The Court of Appeals this week upheld the $11 million judgment awarded to Lisa and Cedric Griffey, former employees with the Department of Corrections, in a racial discrimination and retaliation lawsuit.
In the case Griffey v. Department of Corrections, Ms. Griffey, a probation officer for Lapeer County, sued MDOC after supervisors failed to act on her complaints that coworkers were using derogatory language toward her, referring to her as the “Black one” in the office and calling her a “mammy.”
Administrators at her husband’s job – he was a deputy warden at Thumb Correctional Facility – were discovered to have sent a copy of Ms. Griffey’s lawsuit to his boss in an attempt to have Mr. Griffey fired.
After the all-white jury awarded the couple millions, the department appealed, arguing in part that the trial court allowed improper evidence and behavior from plaintiff’s counsel to be admitted.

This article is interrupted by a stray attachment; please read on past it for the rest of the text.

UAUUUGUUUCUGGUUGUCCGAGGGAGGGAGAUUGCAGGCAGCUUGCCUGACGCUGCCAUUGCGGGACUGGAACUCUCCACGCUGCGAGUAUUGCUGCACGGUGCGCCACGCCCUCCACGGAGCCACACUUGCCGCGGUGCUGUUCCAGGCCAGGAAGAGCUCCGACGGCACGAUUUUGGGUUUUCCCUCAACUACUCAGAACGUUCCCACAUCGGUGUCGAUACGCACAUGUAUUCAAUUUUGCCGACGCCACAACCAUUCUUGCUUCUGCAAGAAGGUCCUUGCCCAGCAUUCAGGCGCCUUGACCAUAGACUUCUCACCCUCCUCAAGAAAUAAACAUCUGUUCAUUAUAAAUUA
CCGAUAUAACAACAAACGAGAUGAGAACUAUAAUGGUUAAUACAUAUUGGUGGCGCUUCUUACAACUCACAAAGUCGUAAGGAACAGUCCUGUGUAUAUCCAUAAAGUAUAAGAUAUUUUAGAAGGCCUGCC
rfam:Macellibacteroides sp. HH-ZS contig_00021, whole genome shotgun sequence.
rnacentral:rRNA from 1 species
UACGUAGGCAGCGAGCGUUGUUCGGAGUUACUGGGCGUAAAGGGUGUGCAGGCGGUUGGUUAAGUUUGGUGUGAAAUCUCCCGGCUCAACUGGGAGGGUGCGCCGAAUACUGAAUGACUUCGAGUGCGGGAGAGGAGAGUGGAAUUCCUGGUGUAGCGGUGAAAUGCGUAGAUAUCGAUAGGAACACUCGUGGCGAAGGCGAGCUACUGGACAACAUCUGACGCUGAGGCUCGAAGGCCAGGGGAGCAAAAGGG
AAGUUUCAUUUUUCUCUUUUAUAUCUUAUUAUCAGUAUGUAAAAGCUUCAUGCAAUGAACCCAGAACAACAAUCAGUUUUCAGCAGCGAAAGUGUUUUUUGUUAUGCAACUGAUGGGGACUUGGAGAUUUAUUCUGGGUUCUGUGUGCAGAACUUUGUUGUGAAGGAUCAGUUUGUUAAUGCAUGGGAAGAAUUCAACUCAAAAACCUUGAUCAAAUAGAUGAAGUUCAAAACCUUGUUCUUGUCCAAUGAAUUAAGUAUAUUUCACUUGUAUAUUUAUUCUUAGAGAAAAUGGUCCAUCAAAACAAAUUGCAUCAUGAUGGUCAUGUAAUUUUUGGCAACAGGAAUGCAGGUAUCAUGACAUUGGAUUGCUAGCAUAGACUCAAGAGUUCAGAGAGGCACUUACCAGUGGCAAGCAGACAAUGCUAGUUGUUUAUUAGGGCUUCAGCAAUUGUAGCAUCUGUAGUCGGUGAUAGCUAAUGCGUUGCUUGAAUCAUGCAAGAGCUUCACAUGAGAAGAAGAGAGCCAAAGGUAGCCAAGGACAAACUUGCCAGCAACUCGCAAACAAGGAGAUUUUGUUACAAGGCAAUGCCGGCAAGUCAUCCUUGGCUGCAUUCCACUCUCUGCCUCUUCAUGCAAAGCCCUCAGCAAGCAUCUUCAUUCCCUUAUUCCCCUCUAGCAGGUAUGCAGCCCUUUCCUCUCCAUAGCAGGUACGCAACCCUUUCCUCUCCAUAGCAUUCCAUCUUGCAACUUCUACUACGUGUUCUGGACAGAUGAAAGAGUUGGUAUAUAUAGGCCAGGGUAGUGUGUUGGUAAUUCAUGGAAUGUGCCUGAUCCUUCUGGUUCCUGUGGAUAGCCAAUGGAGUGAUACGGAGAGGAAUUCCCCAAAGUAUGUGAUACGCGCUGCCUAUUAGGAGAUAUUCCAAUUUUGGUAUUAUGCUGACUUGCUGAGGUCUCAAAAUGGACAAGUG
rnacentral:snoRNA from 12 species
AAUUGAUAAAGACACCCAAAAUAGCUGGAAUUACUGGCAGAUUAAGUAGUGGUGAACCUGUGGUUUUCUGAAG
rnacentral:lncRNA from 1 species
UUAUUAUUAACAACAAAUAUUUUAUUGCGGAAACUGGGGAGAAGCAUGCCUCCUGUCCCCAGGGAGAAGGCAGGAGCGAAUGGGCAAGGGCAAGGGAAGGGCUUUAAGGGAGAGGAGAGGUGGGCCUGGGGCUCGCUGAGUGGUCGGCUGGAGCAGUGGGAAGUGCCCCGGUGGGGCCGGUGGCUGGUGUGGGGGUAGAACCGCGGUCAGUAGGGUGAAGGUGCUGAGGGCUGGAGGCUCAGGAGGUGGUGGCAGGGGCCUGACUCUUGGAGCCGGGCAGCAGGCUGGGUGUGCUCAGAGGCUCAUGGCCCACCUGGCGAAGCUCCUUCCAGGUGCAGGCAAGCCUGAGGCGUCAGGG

In the per curiam opinion, Judge Thomas Cameron, Judge Colleen O’Brien and Judge Brock Swartzle agreed the words used by the plaintiffs’ counsel were incredibly offensive and ran the risk of inflaming the passion of the jury, but the case rested largely on Ms. Griffey being subjected to racial slurs multiple times.
“In short, in a case that revolved largely around the use of a racial slur, it is difficult to conclude that use of racial slurs during argument to show the offensive of the term at issue demonstrates an attempt to ‘deflect the jury’s attention form the issues involved,'” the judges wrote.
The court also disagreed with the department’s argument that a new trial was due because the damages awarded were “grossly excessive.” The judges wrote the reasons provided were a “reasonable basis in the evidence for the jury’s awards, and the award is not so excessive that it could only have been the result of passion and prejudice.”